Of course, this one little survey of early flat/wavy-coat pedigrees shows that there was a lot of inbreeding early on in the breed, which certainly hurt the flat-coat when its numbers dropped in the Interwar Period. The golden, which was selected from the recessive red to yellow dogs in that pedigree, most likely has also suffered from that early inbreeding. However, the likelihood that their ancestors had setter close in their pedigrees may have mitigated some of this early inbreeding– at least until recent years.

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Black Drake

Black Drake

This photo of  “Black Drake” comes from a 1903 text by William Drury called British Dogs: Their Points, Selection and Show Preparation. Black Drake was a descendant of Moonstone. From my reading of the Tweedmouth pedigree, Zelstone was the sire of Tracer and Moonstone.

The selection on retrievers in this book is quite interesting. This piece was written when wavy or flat-coats had essentially had to be black to win anything in a dog show. It is dismissive of liver and red-colored (“golden”) dogs. “Sometimes the cross of the Gordon, and even the Irish, Setter has been resorted to, as evidenced by the throw-back of red- or liver-coloured puppies.” It is from these odd reddish colored way-coats that the 1st Baron Tweedmouth developed his strain, which eventually became the golden retriever.

Drury also obtusely states that the curly-coated retriever “is doomed to practical extinction is a notable and an undeniable fact, which must be put down to the inevitable law of the survival of the fittest.”

Of course, that didn’t happen, but the curly is still quite rare.

One must remember that the flat or wavy-coated retriever was heavily promoted as a working retriever.  It was bred to be easily handled and for really strong working characteristics.

The curly of that time period was like the show golden retriever of today. It had been bred for appearance and not for working ability, and the dogs were considered second rate.  This reputation sunk the curly-coated retriever.

However, this poor reputation ultimately saved it, because the only people who owned curlies were people who actually cared about producing good ones. As a result, the breed has been preserved for its working characteristics, although I doubt that it will ever be popular as a working retriever. I should mention that this is the only retriever I’ve not seen (other than the Murray River curly-coated retriever, which doesn’t exist in the Northern Hemisphere.)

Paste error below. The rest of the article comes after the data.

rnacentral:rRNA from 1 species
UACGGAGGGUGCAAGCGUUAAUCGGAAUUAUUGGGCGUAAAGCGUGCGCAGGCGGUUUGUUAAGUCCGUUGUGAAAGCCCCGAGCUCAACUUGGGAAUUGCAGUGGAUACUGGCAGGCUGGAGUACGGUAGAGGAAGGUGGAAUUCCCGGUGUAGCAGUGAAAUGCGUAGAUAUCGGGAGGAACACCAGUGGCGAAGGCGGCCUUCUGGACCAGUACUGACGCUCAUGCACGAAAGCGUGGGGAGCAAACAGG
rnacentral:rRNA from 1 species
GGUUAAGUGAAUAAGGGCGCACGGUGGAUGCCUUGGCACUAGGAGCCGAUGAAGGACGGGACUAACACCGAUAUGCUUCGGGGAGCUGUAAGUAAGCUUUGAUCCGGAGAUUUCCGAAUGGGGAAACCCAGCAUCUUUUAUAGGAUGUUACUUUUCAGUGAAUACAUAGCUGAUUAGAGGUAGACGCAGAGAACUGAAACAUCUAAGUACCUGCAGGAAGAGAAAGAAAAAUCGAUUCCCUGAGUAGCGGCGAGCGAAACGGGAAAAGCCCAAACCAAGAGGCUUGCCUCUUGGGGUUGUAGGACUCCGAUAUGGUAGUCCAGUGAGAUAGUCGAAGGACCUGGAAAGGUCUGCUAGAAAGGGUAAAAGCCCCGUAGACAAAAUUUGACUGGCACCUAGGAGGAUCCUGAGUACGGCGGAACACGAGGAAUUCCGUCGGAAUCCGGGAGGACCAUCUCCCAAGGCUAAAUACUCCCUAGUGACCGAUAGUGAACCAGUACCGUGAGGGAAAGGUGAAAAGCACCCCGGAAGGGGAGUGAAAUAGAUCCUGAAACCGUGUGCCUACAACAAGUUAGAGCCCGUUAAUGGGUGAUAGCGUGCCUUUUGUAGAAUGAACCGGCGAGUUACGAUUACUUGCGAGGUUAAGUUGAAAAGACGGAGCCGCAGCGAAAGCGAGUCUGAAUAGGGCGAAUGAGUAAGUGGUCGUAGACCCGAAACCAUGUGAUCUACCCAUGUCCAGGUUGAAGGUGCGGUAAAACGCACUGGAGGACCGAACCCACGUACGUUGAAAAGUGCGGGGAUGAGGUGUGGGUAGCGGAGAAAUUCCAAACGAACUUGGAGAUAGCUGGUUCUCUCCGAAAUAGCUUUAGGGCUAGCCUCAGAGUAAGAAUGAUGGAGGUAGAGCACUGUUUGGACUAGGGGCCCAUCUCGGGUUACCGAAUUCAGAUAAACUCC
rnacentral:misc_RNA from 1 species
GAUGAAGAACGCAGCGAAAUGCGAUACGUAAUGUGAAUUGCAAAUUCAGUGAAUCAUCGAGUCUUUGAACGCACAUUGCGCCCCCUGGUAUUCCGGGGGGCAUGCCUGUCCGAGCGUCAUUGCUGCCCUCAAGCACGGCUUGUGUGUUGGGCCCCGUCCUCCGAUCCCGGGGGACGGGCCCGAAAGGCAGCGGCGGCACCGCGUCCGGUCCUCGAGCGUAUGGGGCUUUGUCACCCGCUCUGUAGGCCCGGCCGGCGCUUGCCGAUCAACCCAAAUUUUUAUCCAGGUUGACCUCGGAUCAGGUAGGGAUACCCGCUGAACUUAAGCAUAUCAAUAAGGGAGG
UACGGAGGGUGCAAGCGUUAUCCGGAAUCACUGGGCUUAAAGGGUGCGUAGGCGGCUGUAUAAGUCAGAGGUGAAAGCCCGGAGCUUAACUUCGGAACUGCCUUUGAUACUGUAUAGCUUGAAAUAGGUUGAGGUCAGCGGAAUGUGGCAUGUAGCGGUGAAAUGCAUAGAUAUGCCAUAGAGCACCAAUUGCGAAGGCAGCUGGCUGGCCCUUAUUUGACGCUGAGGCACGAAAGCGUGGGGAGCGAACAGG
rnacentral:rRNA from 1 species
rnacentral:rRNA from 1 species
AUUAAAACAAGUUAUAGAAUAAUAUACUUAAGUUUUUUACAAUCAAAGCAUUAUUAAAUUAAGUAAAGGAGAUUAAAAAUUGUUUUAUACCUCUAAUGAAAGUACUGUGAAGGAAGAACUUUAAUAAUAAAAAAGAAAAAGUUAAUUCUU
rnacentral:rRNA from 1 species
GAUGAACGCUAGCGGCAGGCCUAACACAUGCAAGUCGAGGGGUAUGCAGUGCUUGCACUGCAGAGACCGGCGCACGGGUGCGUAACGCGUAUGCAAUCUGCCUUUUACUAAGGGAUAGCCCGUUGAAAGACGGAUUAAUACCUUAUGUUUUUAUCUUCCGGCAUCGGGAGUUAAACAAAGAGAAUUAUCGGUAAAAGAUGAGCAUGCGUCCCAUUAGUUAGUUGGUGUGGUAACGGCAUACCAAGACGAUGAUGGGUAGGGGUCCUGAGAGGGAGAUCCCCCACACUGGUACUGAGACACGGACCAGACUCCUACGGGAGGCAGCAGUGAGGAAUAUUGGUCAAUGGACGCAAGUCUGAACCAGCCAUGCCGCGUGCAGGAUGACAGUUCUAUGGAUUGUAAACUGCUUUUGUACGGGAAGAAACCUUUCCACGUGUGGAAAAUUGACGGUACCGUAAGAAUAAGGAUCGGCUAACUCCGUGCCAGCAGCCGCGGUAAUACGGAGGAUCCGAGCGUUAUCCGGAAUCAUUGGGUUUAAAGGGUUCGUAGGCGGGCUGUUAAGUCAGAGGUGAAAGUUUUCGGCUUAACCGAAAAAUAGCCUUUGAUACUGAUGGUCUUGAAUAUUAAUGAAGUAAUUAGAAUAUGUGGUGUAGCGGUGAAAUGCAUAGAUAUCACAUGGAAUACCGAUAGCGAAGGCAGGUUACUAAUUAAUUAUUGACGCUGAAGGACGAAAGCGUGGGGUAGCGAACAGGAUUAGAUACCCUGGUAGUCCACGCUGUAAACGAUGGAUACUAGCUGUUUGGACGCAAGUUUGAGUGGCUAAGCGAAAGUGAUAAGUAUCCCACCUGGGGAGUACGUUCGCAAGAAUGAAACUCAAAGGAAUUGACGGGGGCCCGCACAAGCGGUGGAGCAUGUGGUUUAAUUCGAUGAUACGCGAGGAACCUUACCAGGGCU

On the Labrador, it talks about using the flat-c0at and the Irish setter as outcrosses to improve it:

Of late years the Labrador has grown in favour, and though the writer has no personal experience of his merits, there are knowledgable sportsmen who swear by him, by reason of his alleged possession of all the virtues which a Retriever should possess. Many of these dogs have been carefully bred and the strains jealously guarded; but to the writer’s eyes they appear, for the most part, rather coarse and cloddy; so that the element of the Setter becomes a necessity, if the quality of the modern Retriever is to be maintained. But first get your black Setter – no easy matter forsooth; though the cross of the red Irish setter with the Labrador would probably produce a fair percentage of blacks. These could be crossed in with a high-quality, show, Flat-coated Retriever, and thus a fresh current of blood would be introduced, which not only would check the tendency to excessive inbreeding, but would probably increase the powers of scent, and induce that steadiness which, it must be regretfully admitted, is often sadly wanting in our modern dogs; for they are high-couraged creatures, and somewhat impatient of restraint.

The expert Drury consulted on that retriever section was Harding Cox, who owned several top flat-coats of his day, including Black Drake and Black Queen. All of his dogs had the word “Black” in their registered names.

Finally, the more I look at these contemporary flat-coats, the more I think that this dog is a long-haired Labrador.

Text of the section on retrievers in Drury’s book.